Yale researcher to discuss mosquito-transmitted diseases at WCSU
DANBURY, CONN. — The Western Connecticut State University Department of Biological and Environmental Sciences will host Dr. Yiota Kotsakiozi, postdoctoral researcher in the Department of Ecology & Evolutionary Biology at Yale University, for a discussion about “From Yellow Fever to Zika: Tracking the Vector, Aedes Mosquitos.” Kotsakiozi will speak about her research into mosquitos and the diseases they can transmit at 4 p.m. on Thursday, March 23, 2017, in room 125 of the Science Building on the university’s Midtown campus, 181 White St. in Danbury. This talk is free and open to the public.
Vector-borne diseases like dengue fever and Zika affect a large proportion of the world’s population. Kotsakiozi will discuss the “yellow fever” and “tiger” mosquitos that are the major carriers of some of these diseases. These mosquitos have been able to colonize every continent, except Antarctica, during the past 30-40 years and have the capacity to adapt to colder climates, which has enabled their populations to survive.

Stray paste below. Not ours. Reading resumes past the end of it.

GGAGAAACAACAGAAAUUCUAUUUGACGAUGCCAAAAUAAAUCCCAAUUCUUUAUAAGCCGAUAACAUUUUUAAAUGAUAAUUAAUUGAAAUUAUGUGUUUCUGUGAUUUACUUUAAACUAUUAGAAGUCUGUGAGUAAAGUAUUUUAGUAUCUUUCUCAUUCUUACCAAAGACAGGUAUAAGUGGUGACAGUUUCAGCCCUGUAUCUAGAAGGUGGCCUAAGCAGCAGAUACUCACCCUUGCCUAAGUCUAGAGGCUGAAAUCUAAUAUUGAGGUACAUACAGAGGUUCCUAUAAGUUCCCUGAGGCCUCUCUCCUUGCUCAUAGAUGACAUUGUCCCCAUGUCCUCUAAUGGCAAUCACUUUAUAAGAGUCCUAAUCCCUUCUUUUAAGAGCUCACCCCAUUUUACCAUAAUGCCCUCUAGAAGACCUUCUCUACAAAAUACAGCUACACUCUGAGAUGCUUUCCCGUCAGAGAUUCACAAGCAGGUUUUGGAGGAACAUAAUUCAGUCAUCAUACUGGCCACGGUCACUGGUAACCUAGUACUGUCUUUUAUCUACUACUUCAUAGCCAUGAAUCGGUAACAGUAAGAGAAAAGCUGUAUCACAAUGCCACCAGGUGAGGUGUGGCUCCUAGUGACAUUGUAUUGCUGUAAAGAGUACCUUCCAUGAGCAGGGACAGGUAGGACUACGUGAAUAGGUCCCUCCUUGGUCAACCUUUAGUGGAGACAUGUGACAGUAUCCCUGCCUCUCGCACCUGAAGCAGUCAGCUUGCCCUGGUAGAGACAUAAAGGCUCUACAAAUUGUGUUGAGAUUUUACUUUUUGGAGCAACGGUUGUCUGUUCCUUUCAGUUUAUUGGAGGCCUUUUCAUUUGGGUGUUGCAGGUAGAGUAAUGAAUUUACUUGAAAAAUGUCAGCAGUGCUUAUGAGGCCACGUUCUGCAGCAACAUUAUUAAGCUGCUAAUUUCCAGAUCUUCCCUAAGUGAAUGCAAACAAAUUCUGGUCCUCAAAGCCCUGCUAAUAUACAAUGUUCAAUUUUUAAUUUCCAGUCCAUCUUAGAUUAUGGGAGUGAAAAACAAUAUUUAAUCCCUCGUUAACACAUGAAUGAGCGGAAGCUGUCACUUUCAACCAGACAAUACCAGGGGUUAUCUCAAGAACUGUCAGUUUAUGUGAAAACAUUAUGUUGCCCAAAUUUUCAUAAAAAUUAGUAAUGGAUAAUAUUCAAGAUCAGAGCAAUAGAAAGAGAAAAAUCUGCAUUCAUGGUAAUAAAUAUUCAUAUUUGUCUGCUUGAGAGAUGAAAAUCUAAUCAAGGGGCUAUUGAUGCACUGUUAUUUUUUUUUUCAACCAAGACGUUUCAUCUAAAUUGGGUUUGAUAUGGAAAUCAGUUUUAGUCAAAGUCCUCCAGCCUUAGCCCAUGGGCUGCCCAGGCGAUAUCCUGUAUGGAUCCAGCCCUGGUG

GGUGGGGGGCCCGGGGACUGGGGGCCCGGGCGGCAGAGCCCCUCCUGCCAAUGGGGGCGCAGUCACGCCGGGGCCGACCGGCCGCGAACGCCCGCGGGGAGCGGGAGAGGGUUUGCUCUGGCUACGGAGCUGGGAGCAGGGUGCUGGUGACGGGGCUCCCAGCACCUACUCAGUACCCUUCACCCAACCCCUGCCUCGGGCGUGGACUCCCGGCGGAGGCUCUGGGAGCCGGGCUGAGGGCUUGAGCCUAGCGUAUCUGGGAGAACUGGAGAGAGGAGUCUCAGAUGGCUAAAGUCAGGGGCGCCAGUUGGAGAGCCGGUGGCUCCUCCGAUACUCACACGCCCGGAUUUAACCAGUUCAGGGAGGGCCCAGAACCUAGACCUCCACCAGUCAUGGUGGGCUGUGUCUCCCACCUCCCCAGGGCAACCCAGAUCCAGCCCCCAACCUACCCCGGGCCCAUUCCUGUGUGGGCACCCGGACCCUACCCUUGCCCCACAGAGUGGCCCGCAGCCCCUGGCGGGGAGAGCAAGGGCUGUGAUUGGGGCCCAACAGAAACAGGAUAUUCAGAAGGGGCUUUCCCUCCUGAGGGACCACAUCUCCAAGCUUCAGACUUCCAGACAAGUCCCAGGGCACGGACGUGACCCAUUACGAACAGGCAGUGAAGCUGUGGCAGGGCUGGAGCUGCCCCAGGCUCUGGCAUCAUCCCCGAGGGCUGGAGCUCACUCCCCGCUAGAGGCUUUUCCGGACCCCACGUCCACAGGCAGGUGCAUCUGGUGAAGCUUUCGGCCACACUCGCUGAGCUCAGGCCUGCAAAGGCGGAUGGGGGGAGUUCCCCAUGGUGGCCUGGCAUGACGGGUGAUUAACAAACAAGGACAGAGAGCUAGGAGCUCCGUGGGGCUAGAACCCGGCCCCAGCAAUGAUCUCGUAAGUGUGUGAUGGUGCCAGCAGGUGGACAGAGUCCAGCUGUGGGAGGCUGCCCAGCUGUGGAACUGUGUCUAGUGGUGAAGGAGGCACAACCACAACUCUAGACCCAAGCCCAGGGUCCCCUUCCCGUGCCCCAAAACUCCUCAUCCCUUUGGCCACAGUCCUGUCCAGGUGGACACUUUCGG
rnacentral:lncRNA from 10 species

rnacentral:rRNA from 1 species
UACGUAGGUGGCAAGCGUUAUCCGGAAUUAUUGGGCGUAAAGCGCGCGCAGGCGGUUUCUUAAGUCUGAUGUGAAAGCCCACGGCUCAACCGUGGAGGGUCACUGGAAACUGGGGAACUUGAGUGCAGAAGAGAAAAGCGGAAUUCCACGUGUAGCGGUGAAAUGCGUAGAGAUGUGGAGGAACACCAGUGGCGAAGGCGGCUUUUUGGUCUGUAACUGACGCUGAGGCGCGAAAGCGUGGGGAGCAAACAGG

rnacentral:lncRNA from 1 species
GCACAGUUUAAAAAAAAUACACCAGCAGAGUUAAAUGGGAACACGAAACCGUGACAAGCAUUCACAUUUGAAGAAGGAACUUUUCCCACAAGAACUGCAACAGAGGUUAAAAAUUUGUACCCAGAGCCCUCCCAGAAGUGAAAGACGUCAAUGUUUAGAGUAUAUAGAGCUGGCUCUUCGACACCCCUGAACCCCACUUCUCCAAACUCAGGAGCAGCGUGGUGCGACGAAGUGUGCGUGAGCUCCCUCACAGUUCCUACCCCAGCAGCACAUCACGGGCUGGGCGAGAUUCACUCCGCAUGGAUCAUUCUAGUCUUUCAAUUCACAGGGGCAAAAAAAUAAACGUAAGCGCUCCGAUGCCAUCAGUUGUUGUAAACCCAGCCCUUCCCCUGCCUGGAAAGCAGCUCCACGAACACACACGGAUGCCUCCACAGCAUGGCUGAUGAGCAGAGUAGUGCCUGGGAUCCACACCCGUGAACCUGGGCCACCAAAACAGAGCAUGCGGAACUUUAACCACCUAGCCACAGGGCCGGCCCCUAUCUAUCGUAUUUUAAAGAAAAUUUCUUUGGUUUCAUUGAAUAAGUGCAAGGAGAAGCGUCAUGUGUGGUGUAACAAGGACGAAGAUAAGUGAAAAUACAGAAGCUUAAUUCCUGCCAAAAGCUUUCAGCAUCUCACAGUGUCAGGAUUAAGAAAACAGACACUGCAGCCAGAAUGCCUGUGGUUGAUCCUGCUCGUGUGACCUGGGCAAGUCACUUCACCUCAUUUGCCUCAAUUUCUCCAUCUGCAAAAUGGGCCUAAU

Kotsakiozi, who studies these different mosquitos, explained, “To gain knowledge about these highly invasive species, we studied the population genetics, genetic structure and biogeographic patterns for both vectors to infer their invasion history in regions of the world. Since the populations differ in their ability to transmit the viruses, knowing the genetics of newly introduced mosquitoes and their origin will enable us to infer the relative threat for each area and to contribute to the design of mosquito control efforts.”
Kotsakiozi received her doctorate from the National and Kapodistrian University of Athens, Greece, where she studied land snails. After completing her degree, she joined the laboratory of Dr. Nikos Poulakakis at the University of Crete, Greece, where, as a postdoctoral fellow, she studied reptiles and amphibians in the Aegean archipelagos region. Kotsakiozi currently is a postdoctoral researcher in the laboratory of Dr. Jeffrey Powell at Yale University, where she studies Aedesmosquitoes.
For more information, email Assistant Professor of Physiology Dr. Michele Monette at email@example.com.
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